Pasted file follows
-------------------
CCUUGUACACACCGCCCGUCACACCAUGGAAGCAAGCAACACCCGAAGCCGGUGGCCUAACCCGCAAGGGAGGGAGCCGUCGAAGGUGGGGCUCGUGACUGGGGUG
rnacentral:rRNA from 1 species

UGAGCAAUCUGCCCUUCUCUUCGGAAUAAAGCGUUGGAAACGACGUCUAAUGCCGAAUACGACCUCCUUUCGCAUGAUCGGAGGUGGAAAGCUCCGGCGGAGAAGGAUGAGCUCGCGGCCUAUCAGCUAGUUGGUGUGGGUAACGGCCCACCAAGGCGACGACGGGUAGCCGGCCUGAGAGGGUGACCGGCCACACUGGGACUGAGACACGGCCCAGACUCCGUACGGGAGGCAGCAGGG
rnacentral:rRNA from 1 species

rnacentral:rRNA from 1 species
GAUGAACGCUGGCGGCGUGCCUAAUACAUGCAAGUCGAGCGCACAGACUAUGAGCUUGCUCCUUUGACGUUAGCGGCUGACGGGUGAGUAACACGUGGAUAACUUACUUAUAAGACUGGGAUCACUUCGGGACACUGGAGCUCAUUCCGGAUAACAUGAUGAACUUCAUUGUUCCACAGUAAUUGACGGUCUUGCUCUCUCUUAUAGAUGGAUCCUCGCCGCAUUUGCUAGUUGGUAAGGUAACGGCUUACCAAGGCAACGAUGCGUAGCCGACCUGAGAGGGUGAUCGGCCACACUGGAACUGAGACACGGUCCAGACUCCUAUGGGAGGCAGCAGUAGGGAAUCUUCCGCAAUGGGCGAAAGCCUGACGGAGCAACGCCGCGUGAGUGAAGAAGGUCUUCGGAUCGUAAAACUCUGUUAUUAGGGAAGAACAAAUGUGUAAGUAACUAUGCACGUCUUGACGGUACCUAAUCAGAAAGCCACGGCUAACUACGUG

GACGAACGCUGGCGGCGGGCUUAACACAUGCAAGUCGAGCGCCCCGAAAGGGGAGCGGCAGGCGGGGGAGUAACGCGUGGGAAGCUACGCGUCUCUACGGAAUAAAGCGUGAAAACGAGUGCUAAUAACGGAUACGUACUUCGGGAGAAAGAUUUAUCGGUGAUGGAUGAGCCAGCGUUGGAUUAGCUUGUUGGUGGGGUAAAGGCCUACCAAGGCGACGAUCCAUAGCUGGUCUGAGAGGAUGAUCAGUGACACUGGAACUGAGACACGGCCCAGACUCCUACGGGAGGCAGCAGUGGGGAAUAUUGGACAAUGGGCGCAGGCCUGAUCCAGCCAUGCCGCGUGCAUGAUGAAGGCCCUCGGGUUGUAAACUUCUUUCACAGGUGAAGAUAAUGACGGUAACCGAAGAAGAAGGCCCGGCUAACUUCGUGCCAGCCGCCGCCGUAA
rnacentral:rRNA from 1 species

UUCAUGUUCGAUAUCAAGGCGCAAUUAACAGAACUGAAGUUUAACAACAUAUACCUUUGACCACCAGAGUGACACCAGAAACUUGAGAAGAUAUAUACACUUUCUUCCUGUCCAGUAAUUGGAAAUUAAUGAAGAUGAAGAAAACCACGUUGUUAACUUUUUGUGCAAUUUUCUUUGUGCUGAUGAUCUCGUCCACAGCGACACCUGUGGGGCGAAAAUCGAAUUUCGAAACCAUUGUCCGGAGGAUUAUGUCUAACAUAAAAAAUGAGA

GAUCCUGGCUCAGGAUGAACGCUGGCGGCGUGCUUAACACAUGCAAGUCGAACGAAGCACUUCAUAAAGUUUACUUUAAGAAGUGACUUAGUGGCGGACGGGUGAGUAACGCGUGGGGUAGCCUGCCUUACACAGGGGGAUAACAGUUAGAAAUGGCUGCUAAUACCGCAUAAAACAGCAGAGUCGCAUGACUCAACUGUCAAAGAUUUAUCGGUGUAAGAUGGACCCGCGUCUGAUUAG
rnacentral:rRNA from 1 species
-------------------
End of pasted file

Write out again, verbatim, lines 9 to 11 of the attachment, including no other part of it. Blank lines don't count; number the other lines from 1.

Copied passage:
UUCAUGUUCGAUAUCAAGGCGCAAUUAACAGAACUGAAGUUUAACAACAUAUACCUUUGACCACCAGAGUGACACCAGAAACUUGAGAAGAUAUAUACACUUUCUUCCUGUCCAGUAAUUGGAAAUUAAUGAAGAUGAAGAAAACCACGUUGUUAACUUUUUGUGCAAUUUUCUUUGUGCUGAUGAUCUCGUCCACAGCGACACCUGUGGGGCGAAAAUCGAAUUUCGAAACCAUUGUCCGGAGGAUUAUGUCUAACAUAAAAAAUGAGA

GAUCCUGGCUCAGGAUGAACGCUGGCGGCGUGCUUAACACAUGCAAGUCGAACGAAGCACUUCAUAAAGUUUACUUUAAGAAGUGACUUAGUGGCGGACGGGUGAGUAACGCGUGGGGUAGCCUGCCUUACACAGGGGGAUAACAGUUAGAAAUGGCUGCUAAUACCGCAUAAAACAGCAGAGUCGCAUGACUCAACUGUCAAAGAUUUAUCGGUGUAAGAUGGACCCGCGUCUGAUUAG
rnacentral:rRNA from 1 species